February 28, 2009 | by Andrew Kameka
30 Rock‘s Liz Lemon, played by nerd queen Tina Fey, mistakenly left her iPhone in a New York City Taxi Cab. Soon after, the cab driver called Liz’s contacts to relay threats about exposing an “adult photo” showing Lemon’s lemons if she didn’t pay a hefty sum. Android users would be wise to protect their phone data and not end up like Tina Fey’s hard luck character. Here are three tips to safeguard your Android phone and decrease the likelihood of exploitation.
1) Hide files with Astro
Johnny has some unsavory photos on his G1 that he would like to keep away from prying eyes. So does Maria, who took some private photos that she’d rather not have plastered over TMZ if she ever tried out for America Idol. What do Johnny and Maria do? Besides not having compromising material on their phone in the first place, they download Astro from the Android Market.
The Android Pictures app does not display images stored in folders titled with a dot in the beginning. Open Astro and create a folder named “.insertnamehere,” and then mount your phone or mini-SD card on a computer. Transfer private files into the new folder and they will no longer appear in the photo browser. Browsing through Astro or a similar file manager will become the only method of viewing those photos on an Android phone.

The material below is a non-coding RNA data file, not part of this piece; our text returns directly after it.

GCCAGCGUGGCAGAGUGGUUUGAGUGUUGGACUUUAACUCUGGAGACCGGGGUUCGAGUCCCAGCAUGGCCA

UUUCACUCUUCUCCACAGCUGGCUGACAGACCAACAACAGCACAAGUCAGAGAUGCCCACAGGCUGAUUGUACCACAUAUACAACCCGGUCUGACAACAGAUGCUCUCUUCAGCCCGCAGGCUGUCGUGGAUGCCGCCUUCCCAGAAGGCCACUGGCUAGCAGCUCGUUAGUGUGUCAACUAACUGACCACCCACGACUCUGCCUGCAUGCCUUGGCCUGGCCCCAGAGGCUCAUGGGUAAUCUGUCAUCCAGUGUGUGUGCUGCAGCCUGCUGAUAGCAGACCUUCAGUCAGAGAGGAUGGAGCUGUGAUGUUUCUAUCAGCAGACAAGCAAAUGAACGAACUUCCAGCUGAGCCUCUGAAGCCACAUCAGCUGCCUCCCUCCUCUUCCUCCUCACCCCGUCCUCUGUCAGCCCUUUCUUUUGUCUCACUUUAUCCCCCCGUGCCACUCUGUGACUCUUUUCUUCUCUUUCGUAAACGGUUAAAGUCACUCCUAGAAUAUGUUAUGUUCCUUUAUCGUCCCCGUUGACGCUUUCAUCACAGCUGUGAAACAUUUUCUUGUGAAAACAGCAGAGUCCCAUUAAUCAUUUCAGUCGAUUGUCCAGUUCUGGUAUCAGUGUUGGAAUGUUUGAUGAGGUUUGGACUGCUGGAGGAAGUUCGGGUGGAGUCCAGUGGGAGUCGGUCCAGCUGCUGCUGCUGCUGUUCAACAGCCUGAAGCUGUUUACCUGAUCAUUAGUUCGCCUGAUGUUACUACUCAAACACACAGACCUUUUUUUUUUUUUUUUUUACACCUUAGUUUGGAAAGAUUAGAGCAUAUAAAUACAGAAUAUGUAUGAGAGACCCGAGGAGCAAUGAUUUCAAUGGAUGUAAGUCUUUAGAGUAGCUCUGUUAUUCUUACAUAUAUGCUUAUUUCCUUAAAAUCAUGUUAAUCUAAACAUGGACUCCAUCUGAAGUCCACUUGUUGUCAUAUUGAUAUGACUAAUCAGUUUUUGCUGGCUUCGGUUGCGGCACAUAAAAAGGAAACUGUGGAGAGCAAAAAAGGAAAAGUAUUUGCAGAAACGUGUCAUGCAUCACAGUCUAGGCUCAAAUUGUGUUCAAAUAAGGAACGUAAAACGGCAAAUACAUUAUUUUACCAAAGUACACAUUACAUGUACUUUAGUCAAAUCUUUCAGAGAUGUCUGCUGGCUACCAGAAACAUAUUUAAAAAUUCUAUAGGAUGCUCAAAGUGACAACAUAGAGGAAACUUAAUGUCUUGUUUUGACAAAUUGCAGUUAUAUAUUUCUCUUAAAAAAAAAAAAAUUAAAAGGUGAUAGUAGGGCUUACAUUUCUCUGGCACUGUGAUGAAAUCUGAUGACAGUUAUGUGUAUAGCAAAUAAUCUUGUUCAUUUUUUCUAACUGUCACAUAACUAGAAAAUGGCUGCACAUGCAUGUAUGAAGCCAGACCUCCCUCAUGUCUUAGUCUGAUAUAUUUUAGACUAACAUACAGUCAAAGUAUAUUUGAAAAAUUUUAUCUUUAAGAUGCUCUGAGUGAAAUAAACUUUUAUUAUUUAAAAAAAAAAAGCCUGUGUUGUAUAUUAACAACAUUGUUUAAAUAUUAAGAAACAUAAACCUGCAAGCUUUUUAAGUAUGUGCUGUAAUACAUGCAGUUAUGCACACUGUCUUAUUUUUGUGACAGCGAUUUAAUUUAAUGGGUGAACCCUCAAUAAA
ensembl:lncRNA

2) Set Unlock Pattern
The most obvious means to protect an Android phone is the “Set Unlock pattern” feature. Click “Settings > Security & Location > Set unlock pattern” to map a custom security pattern to keep others out. A patient person may be able to crack your code through trial and error, but this will at least decrease opportunities for friends or family members to mess around with your phone when you’re not looking. The only drawback to this feature is that if an honest person finds a lost phone and wants to give it back, they won’t have access to contacts who can help arrange a return.
3) Wait on BioWallet
Every boy who has ever watched a spy movie wanted their own retina scan machine. BioWallet will bring that iconic dream to the Android in the coming months. BioWallet uses biometric characteristics (eye scan or handwritten signature) to protect documents, conceal folders, store passwords, and even encrypt communications. Its creators promise “military grade security (AES 256 bits)” to protect your information. That’s data security worthy of James Bond, or at least that guy from Burn Notice.
BioWallet preview shots. Visit http://www.biowallet.net for more information